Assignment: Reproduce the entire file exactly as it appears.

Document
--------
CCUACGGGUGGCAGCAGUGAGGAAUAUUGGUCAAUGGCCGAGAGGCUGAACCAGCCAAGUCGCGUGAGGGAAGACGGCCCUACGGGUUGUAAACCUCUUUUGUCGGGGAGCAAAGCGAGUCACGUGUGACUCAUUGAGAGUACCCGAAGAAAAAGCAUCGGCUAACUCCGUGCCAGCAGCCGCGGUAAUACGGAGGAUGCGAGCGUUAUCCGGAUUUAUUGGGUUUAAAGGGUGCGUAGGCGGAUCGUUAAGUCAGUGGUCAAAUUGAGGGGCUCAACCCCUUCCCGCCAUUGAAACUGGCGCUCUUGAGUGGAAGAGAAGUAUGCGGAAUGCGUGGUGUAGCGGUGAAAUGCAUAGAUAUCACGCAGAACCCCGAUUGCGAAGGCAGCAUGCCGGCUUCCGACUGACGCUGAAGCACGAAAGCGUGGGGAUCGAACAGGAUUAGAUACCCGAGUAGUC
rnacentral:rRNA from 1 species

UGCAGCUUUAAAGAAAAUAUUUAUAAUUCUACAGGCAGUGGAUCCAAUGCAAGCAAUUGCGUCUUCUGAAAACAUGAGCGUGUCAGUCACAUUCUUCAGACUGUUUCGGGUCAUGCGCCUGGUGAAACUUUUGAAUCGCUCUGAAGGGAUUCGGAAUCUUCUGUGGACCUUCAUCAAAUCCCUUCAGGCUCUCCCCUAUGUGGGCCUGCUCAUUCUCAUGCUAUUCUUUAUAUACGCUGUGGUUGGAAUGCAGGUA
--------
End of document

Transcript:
CCUACGGGUGGCAGCAGUGAGGAAUAUUGGUCAAUGGCCGAGAGGCUGAACCAGCCAAGUCGCGUGAGGGAAGACGGCCCUACGGGUUGUAAACCUCUUUUGUCGGGGAGCAAAGCGAGUCACGUGUGACUCAUUGAGAGUACCCGAAGAAAAAGCAUCGGCUAACUCCGUGCCAGCAGCCGCGGUAAUACGGAGGAUGCGAGCGUUAUCCGGAUUUAUUGGGUUUAAAGGGUGCGUAGGCGGAUCGUUAAGUCAGUGGUCAAAUUGAGGGGCUCAACCCCUUCCCGCCAUUGAAACUGGCGCUCUUGAGUGGAAGAGAAGUAUGCGGAAUGCGUGGUGUAGCGGUGAAAUGCAUAGAUAUCACGCAGAACCCCGAUUGCGAAGGCAGCAUGCCGGCUUCCGACUGACGCUGAAGCACGAAAGCGUGGGGAUCGAACAGGAUUAGAUACCCGAGUAGUC
rnacentral:rRNA from 1 species

UGCAGCUUUAAAGAAAAUAUUUAUAAUUCUACAGGCAGUGGAUCCAAUGCAAGCAAUUGCGUCUUCUGAAAACAUGAGCGUGUCAGUCACAUUCUUCAGACUGUUUCGGGUCAUGCGCCUGGUGAAACUUUUGAAUCGCUCUGAAGGGAUUCGGAAUCUUCUGUGGACCUUCAUCAAAUCCCUUCAGGCUCUCCCCUAUGUGGGCCUGCUCAUUCUCAUGCUAUUCUUUAUAUACGCUGUGGUUGGAAUGCAGGUA